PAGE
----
Anjel M. Helms, Swayamjit Ray, Nina L. Matulis, Margaret C. Kuzemchak, William Grisales, John F. Tooker, Jared G. Ali
Many organisms rely on chemical cues to assess their risk of attack. Prey animals often avoid predator odours and some plants use chemical cues to detect the presence of herbivores, responding with enhanced defences. Entomopathogenic, or insect-killing, nematodes are important natural enemies of insects and can be used for biological control of insect pests. Together with their symbiotic bacteria, entomopathogenic nematodes attack and kill insects in the soil, frequently locating their prey using olfactory cues from herbivore-damaged plant roots. These predatory nematodes not only respond to chemical cues, they also produce cues that provide a source of chemical information in their environment.
In this study, we investigated plant and insect herbivore responses to olfactory cues from entomopathogenic nematodes and explored the ecological significance of such cues for interactions among plants, insect herbivores, and the natural enemies of those herbivores. We predicted that insect herbivores would detect odours from predatory nematodes as a potential threat and avoid these cues. We also anticipated that some plants might respond to olfactory cues from entomopathogenic nematodes, as these cues could inform plants about the presence of natural enemies that often aid in their defence against insect herbivores.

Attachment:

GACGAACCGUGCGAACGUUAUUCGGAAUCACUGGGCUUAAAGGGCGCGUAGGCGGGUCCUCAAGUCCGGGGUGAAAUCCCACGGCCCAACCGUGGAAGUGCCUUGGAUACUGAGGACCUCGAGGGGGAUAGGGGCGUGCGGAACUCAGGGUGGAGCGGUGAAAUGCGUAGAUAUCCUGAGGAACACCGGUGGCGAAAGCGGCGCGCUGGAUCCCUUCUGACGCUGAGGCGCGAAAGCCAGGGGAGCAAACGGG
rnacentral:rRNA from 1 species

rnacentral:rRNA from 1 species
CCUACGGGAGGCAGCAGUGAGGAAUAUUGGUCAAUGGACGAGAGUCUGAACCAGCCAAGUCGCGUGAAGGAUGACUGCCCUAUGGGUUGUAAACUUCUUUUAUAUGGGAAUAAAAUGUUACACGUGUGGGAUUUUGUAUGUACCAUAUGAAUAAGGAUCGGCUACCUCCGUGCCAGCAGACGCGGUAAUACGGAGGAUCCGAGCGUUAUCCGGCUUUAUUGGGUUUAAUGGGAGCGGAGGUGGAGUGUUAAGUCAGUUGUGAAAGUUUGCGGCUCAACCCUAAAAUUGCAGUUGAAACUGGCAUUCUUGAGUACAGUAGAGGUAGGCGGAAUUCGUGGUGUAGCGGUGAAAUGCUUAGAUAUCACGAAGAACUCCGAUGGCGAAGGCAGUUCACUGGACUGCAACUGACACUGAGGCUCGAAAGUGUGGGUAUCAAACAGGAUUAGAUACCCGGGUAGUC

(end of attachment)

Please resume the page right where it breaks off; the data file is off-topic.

We found that insect cadavers infected with entomopathogenic nematodes produce characteristic odours different from those of uninfected dead insects. We also found that potato plants responded to the presence of these predatory nematodes or their odours by enhancing defences that reduced performance of Colorado potato beetles. Our findings also revealed that female Colorado potato beetles laid fewer eggs on plants when odours from entomopathogenic nematodes were present, indicating they detected these cues as warning of a threat to the performance and survival of their offspring. These findings suggest that chemical cues from entomopathogenic nematodes enhance plant defences and deter insect herbivores. By linking plant detection of chemical cues from organisms that play a beneficial role in their ecology with herbivore detection of cues from their natural enemies, we can gain additional insight into the complexity of adaptations in interactions among organisms at different trophic levels.